The great American melting pot shows a low profile in Hester Street. The time-honoured themes—progress, assimilation, education—are deployed with taste, discretion and, above all, humour. This is Joan Micklin Silver's first film, made in black-and-white, with a self-effacing camera, not a zoom, hardly a close-up. It is a quasi-documentary style which allows her actors to slip with ease from English to subtitled Yiddish and exploit the comic vein with a minimum of fuss in such devastating aphorisms as Mrs. Kavarsky's "You can't piss up my back and make me think it's rain". The ironic symmetries of the fable and the comedy of the situations make the film thoroughly entertaining and belie any ethnographic intent. Yet Hester Street is a document in another sense. The portrait of an emerging community is shown as much through objects as through characters…. [Because] Hester Street is filmed without foreground or background, without height or depth, it succeeds both as infectious comedy and as a sensitive account of immigrant aspirations. Holding firmly to the middle ground, it entirely avoids parody or fetishism: American myths are rarely enacted so subtly or so sympathetically. (p. 262)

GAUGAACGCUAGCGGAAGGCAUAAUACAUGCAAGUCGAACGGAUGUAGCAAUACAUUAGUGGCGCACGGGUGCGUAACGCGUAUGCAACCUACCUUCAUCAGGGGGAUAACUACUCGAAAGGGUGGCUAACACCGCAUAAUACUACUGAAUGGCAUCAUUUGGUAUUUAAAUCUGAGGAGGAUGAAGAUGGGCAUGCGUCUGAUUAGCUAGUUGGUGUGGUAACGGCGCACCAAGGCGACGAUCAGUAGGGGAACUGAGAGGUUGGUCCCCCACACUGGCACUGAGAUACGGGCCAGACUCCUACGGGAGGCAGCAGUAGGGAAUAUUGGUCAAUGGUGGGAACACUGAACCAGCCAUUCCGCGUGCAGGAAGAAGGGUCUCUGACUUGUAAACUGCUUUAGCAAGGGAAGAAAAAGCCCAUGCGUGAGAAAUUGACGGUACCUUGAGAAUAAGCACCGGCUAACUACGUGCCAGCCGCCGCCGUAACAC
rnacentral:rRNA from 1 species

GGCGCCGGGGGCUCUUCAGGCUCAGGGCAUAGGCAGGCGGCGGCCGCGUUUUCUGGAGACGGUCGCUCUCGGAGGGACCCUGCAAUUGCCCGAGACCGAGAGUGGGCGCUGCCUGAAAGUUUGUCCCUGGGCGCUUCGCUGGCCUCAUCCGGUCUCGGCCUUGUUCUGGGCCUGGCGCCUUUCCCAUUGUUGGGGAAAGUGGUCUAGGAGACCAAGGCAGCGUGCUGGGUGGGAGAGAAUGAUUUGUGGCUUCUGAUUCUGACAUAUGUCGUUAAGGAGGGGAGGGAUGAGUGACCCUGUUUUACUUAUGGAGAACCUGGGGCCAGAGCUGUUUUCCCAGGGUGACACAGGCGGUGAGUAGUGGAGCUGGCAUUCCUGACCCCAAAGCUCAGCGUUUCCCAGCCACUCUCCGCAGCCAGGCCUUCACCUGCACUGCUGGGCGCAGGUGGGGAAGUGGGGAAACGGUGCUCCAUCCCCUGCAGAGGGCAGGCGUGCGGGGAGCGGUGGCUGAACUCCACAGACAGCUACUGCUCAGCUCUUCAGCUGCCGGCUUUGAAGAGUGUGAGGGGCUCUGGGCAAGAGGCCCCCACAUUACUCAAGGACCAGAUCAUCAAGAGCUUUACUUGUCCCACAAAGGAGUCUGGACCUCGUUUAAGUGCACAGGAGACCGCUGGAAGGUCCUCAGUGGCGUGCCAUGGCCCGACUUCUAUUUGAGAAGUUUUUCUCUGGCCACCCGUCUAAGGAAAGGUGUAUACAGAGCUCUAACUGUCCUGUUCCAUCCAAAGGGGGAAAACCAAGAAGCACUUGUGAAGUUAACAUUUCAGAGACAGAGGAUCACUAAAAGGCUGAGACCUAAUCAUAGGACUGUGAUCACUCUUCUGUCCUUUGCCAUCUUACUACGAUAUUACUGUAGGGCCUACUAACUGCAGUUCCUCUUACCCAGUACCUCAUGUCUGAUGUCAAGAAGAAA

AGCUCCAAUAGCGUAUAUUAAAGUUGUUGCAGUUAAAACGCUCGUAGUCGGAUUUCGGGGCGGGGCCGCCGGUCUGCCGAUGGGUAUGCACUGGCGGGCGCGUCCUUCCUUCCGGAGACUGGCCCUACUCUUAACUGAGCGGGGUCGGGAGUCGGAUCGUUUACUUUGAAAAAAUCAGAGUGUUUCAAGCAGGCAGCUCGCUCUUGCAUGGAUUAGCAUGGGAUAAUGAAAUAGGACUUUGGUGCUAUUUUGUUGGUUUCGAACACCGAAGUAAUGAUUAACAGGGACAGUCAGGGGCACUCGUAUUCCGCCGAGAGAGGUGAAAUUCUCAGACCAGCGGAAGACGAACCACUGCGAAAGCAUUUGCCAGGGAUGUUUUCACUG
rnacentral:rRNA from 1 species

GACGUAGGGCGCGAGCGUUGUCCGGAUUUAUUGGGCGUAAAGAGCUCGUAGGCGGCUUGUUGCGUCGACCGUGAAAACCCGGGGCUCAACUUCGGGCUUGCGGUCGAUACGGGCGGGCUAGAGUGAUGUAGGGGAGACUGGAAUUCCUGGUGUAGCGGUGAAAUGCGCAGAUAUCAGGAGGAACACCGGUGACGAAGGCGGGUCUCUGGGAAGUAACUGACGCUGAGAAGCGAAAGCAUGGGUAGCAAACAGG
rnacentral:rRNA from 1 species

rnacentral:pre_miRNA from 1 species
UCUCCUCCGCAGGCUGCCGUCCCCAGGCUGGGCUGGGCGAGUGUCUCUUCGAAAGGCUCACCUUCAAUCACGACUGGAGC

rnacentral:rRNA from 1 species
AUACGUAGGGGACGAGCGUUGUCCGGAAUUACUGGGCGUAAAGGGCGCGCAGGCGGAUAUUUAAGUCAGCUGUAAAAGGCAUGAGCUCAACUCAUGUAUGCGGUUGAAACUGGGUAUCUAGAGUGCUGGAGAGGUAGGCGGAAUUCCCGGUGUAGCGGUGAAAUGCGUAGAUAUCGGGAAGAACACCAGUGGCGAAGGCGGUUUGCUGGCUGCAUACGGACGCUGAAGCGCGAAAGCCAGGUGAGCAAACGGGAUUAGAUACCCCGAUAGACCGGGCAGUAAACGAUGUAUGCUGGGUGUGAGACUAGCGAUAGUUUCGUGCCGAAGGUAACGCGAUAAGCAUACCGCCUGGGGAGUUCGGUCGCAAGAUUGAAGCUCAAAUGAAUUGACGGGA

Jill Forbes, "'Hester Street'," in Monthly Film Bulletin (copyright © The British Film Institute, 1975), Vol. 42, No. 503, December, 1975, pp. 261-62.